Why Closing is Just a Matter of Telling Better Stories

Learn what sales experts have to say about the crucial role of storytelling.

September 22, 2016

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Every move customers make is a decision about their future, writes digital content specialist Logan Strain. Even refusing a sale is a decision with a consequence.

As a salesman of high-end driveway basketball hoops—selling mostly to dads—he learned early in his career to paint a picture for customers about the consequences of their actions. The strategy worked wonders for him.

He translated dull features into stories that represented real experiences:

“A wider backboard” suddenly became a kid practicing his bank shot at home so he does better during his games at school.

“A studier pole” suddenly became a durable system that can handle as much abuse as you’re willing to give it.

“A better warranty” suddenly became having a hoop to play on for years, instead of just doing without a basketball system because it broke.

This got the customer’s mental wheels turning, and it led Strain to significantly more sales.In fact, storytelling was the key to Strain’s wins.

And he’s not alone: many sales and marketing experts have turned stories into sales success. Read on for more insights on how using your imagination can help you close more deals.

Fearing the Competition

Nothing gets a B2B customer’s imagination going quite like the worry that a competitor will surpass her. You don’t need to tell ghost stories, but sometimes fear can be a great motivator.

Relay a story about how your product or service helped a customer’s competitor get ahead of the industry, and your prospect is sure to perk up. Sales leader David Donlan provides these tips, among others, in a post urging sales reps that if they want to be great, they should become great storytellers.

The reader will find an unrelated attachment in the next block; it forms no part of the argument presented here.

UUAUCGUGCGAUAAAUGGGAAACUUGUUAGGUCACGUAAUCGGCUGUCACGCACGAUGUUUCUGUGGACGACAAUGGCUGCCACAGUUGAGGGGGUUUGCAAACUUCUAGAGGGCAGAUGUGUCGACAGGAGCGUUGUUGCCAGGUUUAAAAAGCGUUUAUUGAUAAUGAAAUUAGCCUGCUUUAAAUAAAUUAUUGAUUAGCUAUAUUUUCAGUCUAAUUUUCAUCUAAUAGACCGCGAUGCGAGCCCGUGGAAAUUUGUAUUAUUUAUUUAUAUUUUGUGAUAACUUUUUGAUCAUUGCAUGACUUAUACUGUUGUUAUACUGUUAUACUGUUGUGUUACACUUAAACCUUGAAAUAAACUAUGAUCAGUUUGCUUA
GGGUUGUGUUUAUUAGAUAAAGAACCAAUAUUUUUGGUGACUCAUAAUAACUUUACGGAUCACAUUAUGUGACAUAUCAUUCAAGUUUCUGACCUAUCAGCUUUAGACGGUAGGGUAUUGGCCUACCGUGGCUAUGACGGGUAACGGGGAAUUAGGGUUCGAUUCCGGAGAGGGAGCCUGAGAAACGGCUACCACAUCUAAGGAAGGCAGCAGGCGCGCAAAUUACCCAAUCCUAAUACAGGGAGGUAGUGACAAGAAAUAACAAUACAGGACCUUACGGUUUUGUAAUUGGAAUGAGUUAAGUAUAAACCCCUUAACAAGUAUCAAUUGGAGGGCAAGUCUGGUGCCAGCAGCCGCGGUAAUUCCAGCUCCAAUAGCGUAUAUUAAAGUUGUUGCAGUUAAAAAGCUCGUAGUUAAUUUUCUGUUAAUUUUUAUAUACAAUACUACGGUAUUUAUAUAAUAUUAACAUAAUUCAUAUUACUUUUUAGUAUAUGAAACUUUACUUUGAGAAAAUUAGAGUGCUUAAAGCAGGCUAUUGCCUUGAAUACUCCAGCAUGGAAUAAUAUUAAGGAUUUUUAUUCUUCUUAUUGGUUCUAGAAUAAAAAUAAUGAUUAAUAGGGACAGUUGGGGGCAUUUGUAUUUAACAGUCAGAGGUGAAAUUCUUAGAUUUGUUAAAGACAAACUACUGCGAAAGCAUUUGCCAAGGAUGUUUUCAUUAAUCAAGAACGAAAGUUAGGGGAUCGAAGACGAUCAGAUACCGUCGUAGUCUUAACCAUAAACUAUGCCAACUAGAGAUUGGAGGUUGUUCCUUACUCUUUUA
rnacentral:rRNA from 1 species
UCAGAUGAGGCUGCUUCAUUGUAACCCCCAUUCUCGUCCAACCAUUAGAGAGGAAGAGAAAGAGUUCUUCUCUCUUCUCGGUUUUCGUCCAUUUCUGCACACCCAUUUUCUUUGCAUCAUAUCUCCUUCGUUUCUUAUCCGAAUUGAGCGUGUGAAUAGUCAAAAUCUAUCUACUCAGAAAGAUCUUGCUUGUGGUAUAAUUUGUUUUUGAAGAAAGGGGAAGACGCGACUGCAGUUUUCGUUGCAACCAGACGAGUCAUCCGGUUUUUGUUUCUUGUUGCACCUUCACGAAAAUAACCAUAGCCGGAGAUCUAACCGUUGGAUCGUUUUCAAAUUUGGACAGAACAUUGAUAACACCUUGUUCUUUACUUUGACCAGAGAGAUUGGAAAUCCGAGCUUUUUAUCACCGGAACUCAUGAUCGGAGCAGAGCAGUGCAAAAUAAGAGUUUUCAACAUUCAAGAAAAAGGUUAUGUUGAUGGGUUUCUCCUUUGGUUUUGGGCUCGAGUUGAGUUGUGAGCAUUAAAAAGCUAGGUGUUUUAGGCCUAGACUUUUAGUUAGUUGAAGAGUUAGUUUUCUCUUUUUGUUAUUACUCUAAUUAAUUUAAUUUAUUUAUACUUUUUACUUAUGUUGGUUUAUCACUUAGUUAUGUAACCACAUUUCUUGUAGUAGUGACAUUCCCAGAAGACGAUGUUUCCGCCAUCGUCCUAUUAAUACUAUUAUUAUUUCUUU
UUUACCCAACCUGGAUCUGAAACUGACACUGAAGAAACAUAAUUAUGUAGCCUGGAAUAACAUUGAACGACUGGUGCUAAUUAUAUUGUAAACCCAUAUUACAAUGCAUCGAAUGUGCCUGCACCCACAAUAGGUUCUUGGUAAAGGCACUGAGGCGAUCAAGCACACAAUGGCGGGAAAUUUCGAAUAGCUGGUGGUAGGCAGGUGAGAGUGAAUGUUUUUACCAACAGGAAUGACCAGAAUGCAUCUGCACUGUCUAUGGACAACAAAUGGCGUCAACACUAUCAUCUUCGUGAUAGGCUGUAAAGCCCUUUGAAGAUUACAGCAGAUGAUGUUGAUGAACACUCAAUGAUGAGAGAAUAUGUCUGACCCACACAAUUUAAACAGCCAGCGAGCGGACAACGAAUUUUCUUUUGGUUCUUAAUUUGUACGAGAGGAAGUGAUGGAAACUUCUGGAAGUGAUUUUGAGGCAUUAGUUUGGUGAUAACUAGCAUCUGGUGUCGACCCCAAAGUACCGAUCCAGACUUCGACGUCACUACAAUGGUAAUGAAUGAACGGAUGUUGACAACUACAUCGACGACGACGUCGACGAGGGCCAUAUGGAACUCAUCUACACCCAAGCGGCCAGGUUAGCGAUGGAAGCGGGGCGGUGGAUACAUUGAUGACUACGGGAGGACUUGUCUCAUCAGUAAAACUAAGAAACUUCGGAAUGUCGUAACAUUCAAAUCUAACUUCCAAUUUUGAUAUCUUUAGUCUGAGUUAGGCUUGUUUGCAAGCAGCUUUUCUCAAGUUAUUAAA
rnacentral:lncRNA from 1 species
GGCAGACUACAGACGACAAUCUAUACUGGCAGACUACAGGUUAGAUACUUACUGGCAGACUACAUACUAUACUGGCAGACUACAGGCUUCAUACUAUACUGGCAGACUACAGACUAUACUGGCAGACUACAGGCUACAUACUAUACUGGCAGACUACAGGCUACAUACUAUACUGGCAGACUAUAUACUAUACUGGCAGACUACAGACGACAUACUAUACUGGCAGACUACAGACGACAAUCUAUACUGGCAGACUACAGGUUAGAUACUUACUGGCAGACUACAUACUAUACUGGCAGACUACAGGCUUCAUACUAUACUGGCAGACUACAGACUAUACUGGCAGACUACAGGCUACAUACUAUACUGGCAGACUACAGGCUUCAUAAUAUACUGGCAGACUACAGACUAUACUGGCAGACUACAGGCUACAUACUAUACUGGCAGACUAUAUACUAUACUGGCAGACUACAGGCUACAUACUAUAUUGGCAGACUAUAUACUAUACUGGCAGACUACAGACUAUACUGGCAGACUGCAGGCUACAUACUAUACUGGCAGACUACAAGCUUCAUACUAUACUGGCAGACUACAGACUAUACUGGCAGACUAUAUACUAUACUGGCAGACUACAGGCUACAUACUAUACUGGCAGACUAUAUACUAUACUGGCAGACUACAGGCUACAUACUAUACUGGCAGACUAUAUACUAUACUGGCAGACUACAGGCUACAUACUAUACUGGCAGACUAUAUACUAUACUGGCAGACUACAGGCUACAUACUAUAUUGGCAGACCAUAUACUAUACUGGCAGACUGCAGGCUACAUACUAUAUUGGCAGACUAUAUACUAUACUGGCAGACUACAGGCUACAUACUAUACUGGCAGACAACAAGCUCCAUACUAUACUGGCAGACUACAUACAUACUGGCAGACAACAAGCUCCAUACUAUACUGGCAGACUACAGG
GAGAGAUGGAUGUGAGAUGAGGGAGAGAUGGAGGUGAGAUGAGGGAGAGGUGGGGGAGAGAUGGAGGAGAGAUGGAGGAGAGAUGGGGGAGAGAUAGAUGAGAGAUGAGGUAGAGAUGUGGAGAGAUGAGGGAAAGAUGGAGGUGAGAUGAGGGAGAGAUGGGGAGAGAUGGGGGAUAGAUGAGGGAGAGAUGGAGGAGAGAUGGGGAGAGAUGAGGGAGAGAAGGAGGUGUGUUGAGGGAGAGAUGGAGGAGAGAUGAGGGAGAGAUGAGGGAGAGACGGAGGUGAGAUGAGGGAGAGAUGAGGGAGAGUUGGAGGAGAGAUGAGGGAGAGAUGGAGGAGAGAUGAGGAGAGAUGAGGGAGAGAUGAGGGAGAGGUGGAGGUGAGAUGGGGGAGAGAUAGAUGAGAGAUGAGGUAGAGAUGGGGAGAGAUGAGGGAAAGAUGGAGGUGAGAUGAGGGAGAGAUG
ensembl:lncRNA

Donlan also encourages reps to tell stories of what happened when things went wrong. In trying to convince a client not to adopt an outdated SEO strategy, Donlan told that person a story about how that strategy backfired for major brands. “Using stories like these can instill a sense of fear in your prospect and make them appreciate the advice you’re sharing,” Donlan writes.

Every Sale Is a Story – So Share it

Customers really want to know how you helped another client succeed, or how client did so on her own. Stories get us excited, but they’re also an effective way to get someone’s attention.

When you’re trying to land a new account, before you engage in a discussion, take a half hour to think first. Consider what story you’re going to tell. Think: What was it about my organization product that delighted the client? It might involve some kind of unique way your organization operates vis-à-vis your competition.

For instance, was it the fact that your team was so flexible and agile that you could put five people onto a project for a client and get it done within a week? Or was it that your product enabled a client to get work done in a completely different way? Think of how the narrative unfolded from your client’s perspective—then share that vision.

Overall, this kind of targeted storytelling is key to stimulating your prospects’ imaginations and closing the deal.   

For more tips from sales and marketing leaders, download our eBook, “Solving Sales and Marketing Alignment.

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